The policy of ultimatums and philosophy of supremacy and domination do not meet the requirements of the 21st century and run counter to the objective process of development for a polycentric and democratic world order.
Russia is promoting a positive and unifying agenda. We always were and will be open to discussion of the most complex issues no matter how unsolvable they would seem in the beginning. We will be prepared to search for compromises and the balancing of interests and go as far as to exchange concessions provided only that the discussion is respectful and equal.
The Minsk understandings of 5 and 19 September on the ways out of the Ukrainian crisis and the compromise on the timeline of the entry into force of the Association Agreement between Kiev and the EU are good examples to follow, the same as the finally declared willingness of Brussels to begin negotiations on establishing an FTA between the European Union and the Customs Union of Russia, Belorussia and Kazakhstan as was proposed by Vladimir Putin back in January of this year.
Russia has consistently called for the harmonisation of integration projects in Europe and Eurasia. The agreement on political benchmarks and the timelines of such a “convergence of integrations” would become a real contribution to the work of the OSCE on the topic of the “Helsinki+40.” Another crucial area of this work would be to launch a pragmatic discussion free of ideology on the politico-military architecture in the Euro-Atlantic, so that not only NATO and CSTO members but all the countries of the region including Ukraine, Moldova and Georgia can enjoy equal and indivisible security and not have to make the false choice that you’re either for us or against us.
New dividing lines in Europe should not be allowed, even more so given that under globalisation these lines can turn into a watershed between the West and the rest of the world. It should be stated honestly that no one has a monopoly on truth and that no one can tailor global and regional processes to one’s own needs. There is no alternative today to the development of consensus regarding the rules of sustainable global governance under new historical circumstances – with full respect for cultural and civilizational diversity in the world and the multiplicity of the models of development. It will be a difficult and perhaps tiresome task to achieve such a consensus on every issue. Nevertheless the recognition of the fact that democracy in every state is the “worst form of government, except for all the others” also took time to break through, until Winston Churchill passed his verdict. The time has come to realise the inevitability of this axiom including in international affairs where today there is a huge deficit of democracy. Of course someone will have to break up centuries-old stereotypes and abandon the claims to eternal uniqueness. But there is no other way. Consolidated efforts can only be built on the principles of mutual respect and by taking into account the interests of each other as is the case, for example, under the framework of BRICS and the SCO, the G20 and the UN Security Council.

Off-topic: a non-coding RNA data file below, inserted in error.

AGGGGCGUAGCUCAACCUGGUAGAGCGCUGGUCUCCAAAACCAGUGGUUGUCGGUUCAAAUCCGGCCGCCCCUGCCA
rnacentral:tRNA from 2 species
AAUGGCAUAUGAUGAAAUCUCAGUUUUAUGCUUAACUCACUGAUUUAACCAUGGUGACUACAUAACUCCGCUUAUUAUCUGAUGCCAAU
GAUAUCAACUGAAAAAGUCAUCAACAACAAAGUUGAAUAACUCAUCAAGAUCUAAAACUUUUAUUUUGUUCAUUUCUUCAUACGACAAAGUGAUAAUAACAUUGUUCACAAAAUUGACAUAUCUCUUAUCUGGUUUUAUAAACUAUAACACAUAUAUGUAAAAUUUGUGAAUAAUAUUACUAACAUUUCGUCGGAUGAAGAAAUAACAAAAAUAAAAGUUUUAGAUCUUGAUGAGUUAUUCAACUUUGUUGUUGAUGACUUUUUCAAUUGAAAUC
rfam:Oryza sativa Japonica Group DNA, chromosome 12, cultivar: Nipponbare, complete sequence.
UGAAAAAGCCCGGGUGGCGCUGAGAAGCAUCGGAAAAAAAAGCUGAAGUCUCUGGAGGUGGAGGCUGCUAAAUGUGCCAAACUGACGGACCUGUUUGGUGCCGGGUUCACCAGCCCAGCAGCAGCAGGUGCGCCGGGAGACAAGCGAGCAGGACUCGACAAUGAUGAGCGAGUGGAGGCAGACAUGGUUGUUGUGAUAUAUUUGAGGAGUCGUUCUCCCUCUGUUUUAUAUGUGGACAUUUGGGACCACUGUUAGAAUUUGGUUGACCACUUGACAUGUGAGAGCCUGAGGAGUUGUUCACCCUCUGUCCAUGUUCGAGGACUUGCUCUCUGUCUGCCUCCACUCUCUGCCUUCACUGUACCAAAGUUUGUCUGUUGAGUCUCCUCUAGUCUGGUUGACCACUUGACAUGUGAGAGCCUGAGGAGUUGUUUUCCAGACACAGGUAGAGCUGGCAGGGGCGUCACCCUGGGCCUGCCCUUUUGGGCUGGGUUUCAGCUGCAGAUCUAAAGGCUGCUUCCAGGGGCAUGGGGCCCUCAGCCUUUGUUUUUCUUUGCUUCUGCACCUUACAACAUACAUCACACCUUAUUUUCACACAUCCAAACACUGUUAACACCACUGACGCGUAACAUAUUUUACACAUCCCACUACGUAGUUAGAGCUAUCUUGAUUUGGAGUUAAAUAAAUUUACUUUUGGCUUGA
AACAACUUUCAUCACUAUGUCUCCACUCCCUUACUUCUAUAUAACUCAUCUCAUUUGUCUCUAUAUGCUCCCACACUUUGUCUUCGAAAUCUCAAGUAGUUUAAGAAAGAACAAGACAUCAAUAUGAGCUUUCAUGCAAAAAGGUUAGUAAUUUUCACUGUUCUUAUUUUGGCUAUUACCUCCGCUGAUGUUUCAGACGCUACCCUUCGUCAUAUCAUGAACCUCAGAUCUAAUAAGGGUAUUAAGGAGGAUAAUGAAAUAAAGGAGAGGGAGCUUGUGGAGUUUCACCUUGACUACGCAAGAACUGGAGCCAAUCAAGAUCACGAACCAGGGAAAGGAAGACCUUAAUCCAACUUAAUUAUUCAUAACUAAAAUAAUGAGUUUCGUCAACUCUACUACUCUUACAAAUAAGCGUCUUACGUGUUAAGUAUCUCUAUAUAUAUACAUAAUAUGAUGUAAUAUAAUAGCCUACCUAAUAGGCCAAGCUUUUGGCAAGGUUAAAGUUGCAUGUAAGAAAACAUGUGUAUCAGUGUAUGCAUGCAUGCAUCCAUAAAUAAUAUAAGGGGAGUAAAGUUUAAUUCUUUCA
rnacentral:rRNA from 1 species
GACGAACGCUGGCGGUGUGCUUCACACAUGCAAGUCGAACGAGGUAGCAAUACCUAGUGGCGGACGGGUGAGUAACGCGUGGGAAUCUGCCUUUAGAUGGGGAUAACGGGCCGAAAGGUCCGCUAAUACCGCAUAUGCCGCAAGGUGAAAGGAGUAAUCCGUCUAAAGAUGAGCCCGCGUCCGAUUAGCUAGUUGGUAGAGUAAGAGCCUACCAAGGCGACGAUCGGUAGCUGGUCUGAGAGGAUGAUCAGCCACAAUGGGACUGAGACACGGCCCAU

The theory of the advantages of cooperative action has been supported by practice: this includes progress in the settlement of the situation around the Iranian nuclear program and the successful conclusion of the chemical demilitarisation of Syria. Also, regarding the issue of chemical weapons, we would like to obtain authentic information on the condition of the chemical arsenals in Libya. We understand that our NATO colleagues, after bombing this country in violation of a UNSC Resolution, would not like to “stir up”” the mayhem they created. However, the problem of uncontrolled Libyan chemical arsenals is too serious to turn a blind eye to. The UN Secretary General has an obligation to show his responsibility on this issue as well.